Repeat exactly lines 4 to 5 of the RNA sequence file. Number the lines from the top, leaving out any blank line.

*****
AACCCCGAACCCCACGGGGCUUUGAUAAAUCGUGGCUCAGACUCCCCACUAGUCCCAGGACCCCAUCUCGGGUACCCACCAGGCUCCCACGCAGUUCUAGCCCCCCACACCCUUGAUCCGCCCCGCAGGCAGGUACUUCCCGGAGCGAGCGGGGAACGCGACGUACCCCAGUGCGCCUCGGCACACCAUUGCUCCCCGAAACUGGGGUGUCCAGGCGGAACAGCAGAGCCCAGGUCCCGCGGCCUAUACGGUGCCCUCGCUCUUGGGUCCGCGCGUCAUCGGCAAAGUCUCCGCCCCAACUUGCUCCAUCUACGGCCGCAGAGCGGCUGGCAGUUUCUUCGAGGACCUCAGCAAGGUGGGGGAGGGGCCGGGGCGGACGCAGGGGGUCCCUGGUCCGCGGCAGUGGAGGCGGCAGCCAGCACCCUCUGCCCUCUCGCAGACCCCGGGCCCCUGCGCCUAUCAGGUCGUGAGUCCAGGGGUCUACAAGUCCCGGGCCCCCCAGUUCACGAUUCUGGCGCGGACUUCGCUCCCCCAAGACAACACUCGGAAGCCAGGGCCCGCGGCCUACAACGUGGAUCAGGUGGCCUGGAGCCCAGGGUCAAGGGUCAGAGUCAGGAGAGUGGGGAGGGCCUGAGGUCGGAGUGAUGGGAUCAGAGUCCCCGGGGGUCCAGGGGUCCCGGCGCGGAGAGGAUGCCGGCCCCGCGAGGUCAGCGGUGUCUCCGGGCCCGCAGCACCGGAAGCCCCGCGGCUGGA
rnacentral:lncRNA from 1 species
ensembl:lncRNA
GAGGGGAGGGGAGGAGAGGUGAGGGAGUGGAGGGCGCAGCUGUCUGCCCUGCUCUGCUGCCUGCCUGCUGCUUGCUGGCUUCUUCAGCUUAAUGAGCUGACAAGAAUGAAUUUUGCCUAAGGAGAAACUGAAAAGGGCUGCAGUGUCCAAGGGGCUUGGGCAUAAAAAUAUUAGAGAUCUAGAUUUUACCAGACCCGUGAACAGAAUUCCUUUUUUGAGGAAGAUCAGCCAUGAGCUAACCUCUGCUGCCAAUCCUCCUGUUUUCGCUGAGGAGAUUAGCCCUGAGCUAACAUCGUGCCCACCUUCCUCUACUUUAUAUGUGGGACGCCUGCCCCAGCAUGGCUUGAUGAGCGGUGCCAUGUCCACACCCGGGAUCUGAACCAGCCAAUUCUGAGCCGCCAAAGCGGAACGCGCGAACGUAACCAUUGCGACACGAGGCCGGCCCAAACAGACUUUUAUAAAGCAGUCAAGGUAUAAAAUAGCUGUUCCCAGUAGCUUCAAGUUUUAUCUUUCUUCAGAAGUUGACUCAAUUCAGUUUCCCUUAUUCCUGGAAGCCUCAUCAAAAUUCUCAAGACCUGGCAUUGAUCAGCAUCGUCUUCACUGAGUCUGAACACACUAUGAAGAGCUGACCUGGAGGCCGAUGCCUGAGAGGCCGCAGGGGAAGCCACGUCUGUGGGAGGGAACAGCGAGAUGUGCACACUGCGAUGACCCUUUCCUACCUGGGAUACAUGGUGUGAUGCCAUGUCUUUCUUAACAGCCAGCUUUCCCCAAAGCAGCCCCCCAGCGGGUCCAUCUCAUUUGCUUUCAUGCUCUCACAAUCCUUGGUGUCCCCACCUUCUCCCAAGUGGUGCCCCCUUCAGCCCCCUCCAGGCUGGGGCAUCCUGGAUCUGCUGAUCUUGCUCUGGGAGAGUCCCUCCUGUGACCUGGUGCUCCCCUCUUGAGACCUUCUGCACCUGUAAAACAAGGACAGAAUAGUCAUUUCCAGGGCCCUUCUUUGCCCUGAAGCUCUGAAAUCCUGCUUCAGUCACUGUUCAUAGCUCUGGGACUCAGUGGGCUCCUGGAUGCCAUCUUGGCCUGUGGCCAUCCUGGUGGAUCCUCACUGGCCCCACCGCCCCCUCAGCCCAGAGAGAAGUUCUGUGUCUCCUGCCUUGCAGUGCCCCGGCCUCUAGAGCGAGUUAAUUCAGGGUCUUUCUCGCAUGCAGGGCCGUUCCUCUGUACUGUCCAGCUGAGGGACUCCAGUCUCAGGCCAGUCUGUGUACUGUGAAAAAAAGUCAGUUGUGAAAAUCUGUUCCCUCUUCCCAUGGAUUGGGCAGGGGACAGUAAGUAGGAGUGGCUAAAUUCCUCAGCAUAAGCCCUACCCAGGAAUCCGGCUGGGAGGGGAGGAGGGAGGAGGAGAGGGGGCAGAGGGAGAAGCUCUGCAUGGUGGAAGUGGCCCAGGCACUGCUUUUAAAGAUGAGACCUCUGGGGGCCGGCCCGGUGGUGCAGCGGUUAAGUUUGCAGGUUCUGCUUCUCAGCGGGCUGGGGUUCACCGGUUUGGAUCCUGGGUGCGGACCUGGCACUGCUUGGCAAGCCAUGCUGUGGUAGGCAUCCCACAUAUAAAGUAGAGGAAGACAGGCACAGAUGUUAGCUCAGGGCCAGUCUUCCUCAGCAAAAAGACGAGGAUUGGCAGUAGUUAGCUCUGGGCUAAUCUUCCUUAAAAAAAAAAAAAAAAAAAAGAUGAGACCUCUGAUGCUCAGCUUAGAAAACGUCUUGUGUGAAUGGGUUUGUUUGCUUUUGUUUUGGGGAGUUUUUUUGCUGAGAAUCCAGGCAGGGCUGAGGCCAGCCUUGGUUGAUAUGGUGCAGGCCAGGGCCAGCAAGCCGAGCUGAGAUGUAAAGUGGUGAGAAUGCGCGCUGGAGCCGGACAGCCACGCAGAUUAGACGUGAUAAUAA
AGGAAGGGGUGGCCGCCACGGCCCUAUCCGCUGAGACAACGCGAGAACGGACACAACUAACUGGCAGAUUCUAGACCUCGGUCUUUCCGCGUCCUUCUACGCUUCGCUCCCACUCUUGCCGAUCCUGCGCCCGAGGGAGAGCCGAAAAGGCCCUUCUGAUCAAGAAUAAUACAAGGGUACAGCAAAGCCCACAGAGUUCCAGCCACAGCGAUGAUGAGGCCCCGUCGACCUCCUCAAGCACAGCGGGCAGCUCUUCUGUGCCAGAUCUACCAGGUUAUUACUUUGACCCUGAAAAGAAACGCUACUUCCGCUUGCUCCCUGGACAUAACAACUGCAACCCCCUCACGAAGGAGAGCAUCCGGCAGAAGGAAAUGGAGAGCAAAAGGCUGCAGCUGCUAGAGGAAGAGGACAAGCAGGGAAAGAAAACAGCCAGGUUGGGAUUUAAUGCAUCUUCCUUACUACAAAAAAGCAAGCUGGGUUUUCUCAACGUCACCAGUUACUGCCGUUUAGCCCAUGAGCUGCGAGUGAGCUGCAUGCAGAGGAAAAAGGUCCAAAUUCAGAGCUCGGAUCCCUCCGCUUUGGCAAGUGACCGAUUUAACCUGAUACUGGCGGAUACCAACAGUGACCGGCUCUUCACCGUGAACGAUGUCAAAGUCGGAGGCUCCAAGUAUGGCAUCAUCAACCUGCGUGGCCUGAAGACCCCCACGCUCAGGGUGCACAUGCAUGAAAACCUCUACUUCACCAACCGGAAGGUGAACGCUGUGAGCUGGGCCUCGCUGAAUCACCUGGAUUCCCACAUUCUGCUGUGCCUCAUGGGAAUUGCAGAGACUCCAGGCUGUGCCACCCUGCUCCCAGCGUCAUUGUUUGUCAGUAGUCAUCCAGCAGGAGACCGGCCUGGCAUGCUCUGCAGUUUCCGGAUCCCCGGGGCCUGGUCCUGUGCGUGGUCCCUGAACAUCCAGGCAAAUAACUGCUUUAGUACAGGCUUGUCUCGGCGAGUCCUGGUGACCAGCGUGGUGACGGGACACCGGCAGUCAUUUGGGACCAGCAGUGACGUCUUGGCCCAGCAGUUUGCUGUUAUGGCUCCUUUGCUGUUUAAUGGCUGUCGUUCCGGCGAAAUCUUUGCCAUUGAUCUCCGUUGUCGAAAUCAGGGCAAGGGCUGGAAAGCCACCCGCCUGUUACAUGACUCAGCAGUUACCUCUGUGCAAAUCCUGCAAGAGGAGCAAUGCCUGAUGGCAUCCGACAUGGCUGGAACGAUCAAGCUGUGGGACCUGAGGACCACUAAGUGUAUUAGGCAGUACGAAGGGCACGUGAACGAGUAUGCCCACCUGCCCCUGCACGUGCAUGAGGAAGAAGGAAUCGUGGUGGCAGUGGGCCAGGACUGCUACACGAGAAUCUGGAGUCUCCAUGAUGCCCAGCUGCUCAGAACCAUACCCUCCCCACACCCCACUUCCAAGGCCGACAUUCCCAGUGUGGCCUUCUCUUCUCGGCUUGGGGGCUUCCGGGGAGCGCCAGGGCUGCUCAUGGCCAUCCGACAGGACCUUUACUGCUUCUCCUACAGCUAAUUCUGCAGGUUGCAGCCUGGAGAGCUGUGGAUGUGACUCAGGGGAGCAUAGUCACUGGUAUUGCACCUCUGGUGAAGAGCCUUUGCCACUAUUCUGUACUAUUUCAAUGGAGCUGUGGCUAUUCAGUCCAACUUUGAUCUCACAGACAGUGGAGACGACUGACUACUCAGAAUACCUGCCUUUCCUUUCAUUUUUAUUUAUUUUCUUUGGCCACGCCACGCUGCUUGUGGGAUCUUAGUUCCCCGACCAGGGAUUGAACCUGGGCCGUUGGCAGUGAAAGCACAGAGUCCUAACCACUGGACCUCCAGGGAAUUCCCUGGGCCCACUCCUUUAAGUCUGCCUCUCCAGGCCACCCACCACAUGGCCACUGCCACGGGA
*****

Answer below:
GAGGGGAGGGGAGGAGAGGUGAGGGAGUGGAGGGCGCAGCUGUCUGCCCUGCUCUGCUGCCUGCCUGCUGCUUGCUGGCUUCUUCAGCUUAAUGAGCUGACAAGAAUGAAUUUUGCCUAAGGAGAAACUGAAAAGGGCUGCAGUGUCCAAGGGGCUUGGGCAUAAAAAUAUUAGAGAUCUAGAUUUUACCAGACCCGUGAACAGAAUUCCUUUUUUGAGGAAGAUCAGCCAUGAGCUAACCUCUGCUGCCAAUCCUCCUGUUUUCGCUGAGGAGAUUAGCCCUGAGCUAACAUCGUGCCCACCUUCCUCUACUUUAUAUGUGGGACGCCUGCCCCAGCAUGGCUUGAUGAGCGGUGCCAUGUCCACACCCGGGAUCUGAACCAGCCAAUUCUGAGCCGCCAAAGCGGAACGCGCGAACGUAACCAUUGCGACACGAGGCCGGCCCAAACAGACUUUUAUAAAGCAGUCAAGGUAUAAAAUAGCUGUUCCCAGUAGCUUCAAGUUUUAUCUUUCUUCAGAAGUUGACUCAAUUCAGUUUCCCUUAUUCCUGGAAGCCUCAUCAAAAUUCUCAAGACCUGGCAUUGAUCAGCAUCGUCUUCACUGAGUCUGAACACACUAUGAAGAGCUGACCUGGAGGCCGAUGCCUGAGAGGCCGCAGGGGAAGCCACGUCUGUGGGAGGGAACAGCGAGAUGUGCACACUGCGAUGACCCUUUCCUACCUGGGAUACAUGGUGUGAUGCCAUGUCUUUCUUAACAGCCAGCUUUCCCCAAAGCAGCCCCCCAGCGGGUCCAUCUCAUUUGCUUUCAUGCUCUCACAAUCCUUGGUGUCCCCACCUUCUCCCAAGUGGUGCCCCCUUCAGCCCCCUCCAGGCUGGGGCAUCCUGGAUCUGCUGAUCUUGCUCUGGGAGAGUCCCUCCUGUGACCUGGUGCUCCCCUCUUGAGACCUUCUGCACCUGUAAAACAAGGACAGAAUAGUCAUUUCCAGGGCCCUUCUUUGCCCUGAAGCUCUGAAAUCCUGCUUCAGUCACUGUUCAUAGCUCUGGGACUCAGUGGGCUCCUGGAUGCCAUCUUGGCCUGUGGCCAUCCUGGUGGAUCCUCACUGGCCCCACCGCCCCCUCAGCCCAGAGAGAAGUUCUGUGUCUCCUGCCUUGCAGUGCCCCGGCCUCUAGAGCGAGUUAAUUCAGGGUCUUUCUCGCAUGCAGGGCCGUUCCUCUGUACUGUCCAGCUGAGGGACUCCAGUCUCAGGCCAGUCUGUGUACUGUGAAAAAAAGUCAGUUGUGAAAAUCUGUUCCCUCUUCCCAUGGAUUGGGCAGGGGACAGUAAGUAGGAGUGGCUAAAUUCCUCAGCAUAAGCCCUACCCAGGAAUCCGGCUGGGAGGGGAGGAGGGAGGAGGAGAGGGGGCAGAGGGAGAAGCUCUGCAUGGUGGAAGUGGCCCAGGCACUGCUUUUAAAGAUGAGACCUCUGGGGGCCGGCCCGGUGGUGCAGCGGUUAAGUUUGCAGGUUCUGCUUCUCAGCGGGCUGGGGUUCACCGGUUUGGAUCCUGGGUGCGGACCUGGCACUGCUUGGCAAGCCAUGCUGUGGUAGGCAUCCCACAUAUAAAGUAGAGGAAGACAGGCACAGAUGUUAGCUCAGGGCCAGUCUUCCUCAGCAAAAAGACGAGGAUUGGCAGUAGUUAGCUCUGGGCUAAUCUUCCUUAAAAAAAAAAAAAAAAAAAAGAUGAGACCUCUGAUGCUCAGCUUAGAAAACGUCUUGUGUGAAUGGGUUUGUUUGCUUUUGUUUUGGGGAGUUUUUUUGCUGAGAAUCCAGGCAGGGCUGAGGCCAGCCUUGGUUGAUAUGGUGCAGGCCAGGGCCAGCAAGCCGAGCUGAGAUGUAAAGUGGUGAGAAUGCGCGCUGGAGCCGGACAGCCACGCAGAUUAGACGUGAUAAUAA
AGGAAGGGGUGGCCGCCACGGCCCUAUCCGCUGAGACAACGCGAGAACGGACACAACUAACUGGCAGAUUCUAGACCUCGGUCUUUCCGCGUCCUUCUACGCUUCGCUCCCACUCUUGCCGAUCCUGCGCCCGAGGGAGAGCCGAAAAGGCCCUUCUGAUCAAGAAUAAUACAAGGGUACAGCAAAGCCCACAGAGUUCCAGCCACAGCGAUGAUGAGGCCCCGUCGACCUCCUCAAGCACAGCGGGCAGCUCUUCUGUGCCAGAUCUACCAGGUUAUUACUUUGACCCUGAAAAGAAACGCUACUUCCGCUUGCUCCCUGGACAUAACAACUGCAACCCCCUCACGAAGGAGAGCAUCCGGCAGAAGGAAAUGGAGAGCAAAAGGCUGCAGCUGCUAGAGGAAGAGGACAAGCAGGGAAAGAAAACAGCCAGGUUGGGAUUUAAUGCAUCUUCCUUACUACAAAAAAGCAAGCUGGGUUUUCUCAACGUCACCAGUUACUGCCGUUUAGCCCAUGAGCUGCGAGUGAGCUGCAUGCAGAGGAAAAAGGUCCAAAUUCAGAGCUCGGAUCCCUCCGCUUUGGCAAGUGACCGAUUUAACCUGAUACUGGCGGAUACCAACAGUGACCGGCUCUUCACCGUGAACGAUGUCAAAGUCGGAGGCUCCAAGUAUGGCAUCAUCAACCUGCGUGGCCUGAAGACCCCCACGCUCAGGGUGCACAUGCAUGAAAACCUCUACUUCACCAACCGGAAGGUGAACGCUGUGAGCUGGGCCUCGCUGAAUCACCUGGAUUCCCACAUUCUGCUGUGCCUCAUGGGAAUUGCAGAGACUCCAGGCUGUGCCACCCUGCUCCCAGCGUCAUUGUUUGUCAGUAGUCAUCCAGCAGGAGACCGGCCUGGCAUGCUCUGCAGUUUCCGGAUCCCCGGGGCCUGGUCCUGUGCGUGGUCCCUGAACAUCCAGGCAAAUAACUGCUUUAGUACAGGCUUGUCUCGGCGAGUCCUGGUGACCAGCGUGGUGACGGGACACCGGCAGUCAUUUGGGACCAGCAGUGACGUCUUGGCCCAGCAGUUUGCUGUUAUGGCUCCUUUGCUGUUUAAUGGCUGUCGUUCCGGCGAAAUCUUUGCCAUUGAUCUCCGUUGUCGAAAUCAGGGCAAGGGCUGGAAAGCCACCCGCCUGUUACAUGACUCAGCAGUUACCUCUGUGCAAAUCCUGCAAGAGGAGCAAUGCCUGAUGGCAUCCGACAUGGCUGGAACGAUCAAGCUGUGGGACCUGAGGACCACUAAGUGUAUUAGGCAGUACGAAGGGCACGUGAACGAGUAUGCCCACCUGCCCCUGCACGUGCAUGAGGAAGAAGGAAUCGUGGUGGCAGUGGGCCAGGACUGCUACACGAGAAUCUGGAGUCUCCAUGAUGCCCAGCUGCUCAGAACCAUACCCUCCCCACACCCCACUUCCAAGGCCGACAUUCCCAGUGUGGCCUUCUCUUCUCGGCUUGGGGGCUUCCGGGGAGCGCCAGGGCUGCUCAUGGCCAUCCGACAGGACCUUUACUGCUUCUCCUACAGCUAAUUCUGCAGGUUGCAGCCUGGAGAGCUGUGGAUGUGACUCAGGGGAGCAUAGUCACUGGUAUUGCACCUCUGGUGAAGAGCCUUUGCCACUAUUCUGUACUAUUUCAAUGGAGCUGUGGCUAUUCAGUCCAACUUUGAUCUCACAGACAGUGGAGACGACUGACUACUCAGAAUACCUGCCUUUCCUUUCAUUUUUAUUUAUUUUCUUUGGCCACGCCACGCUGCUUGUGGGAUCUUAGUUCCCCGACCAGGGAUUGAACCUGGGCCGUUGGCAGUGAAAGCACAGAGUCCUAACCACUGGACCUCCAGGGAAUUCCCUGGGCCCACUCCUUUAAGUCUGCCUCUCCAGGCCACCCACCACAUGGCCACUGCCACGGGA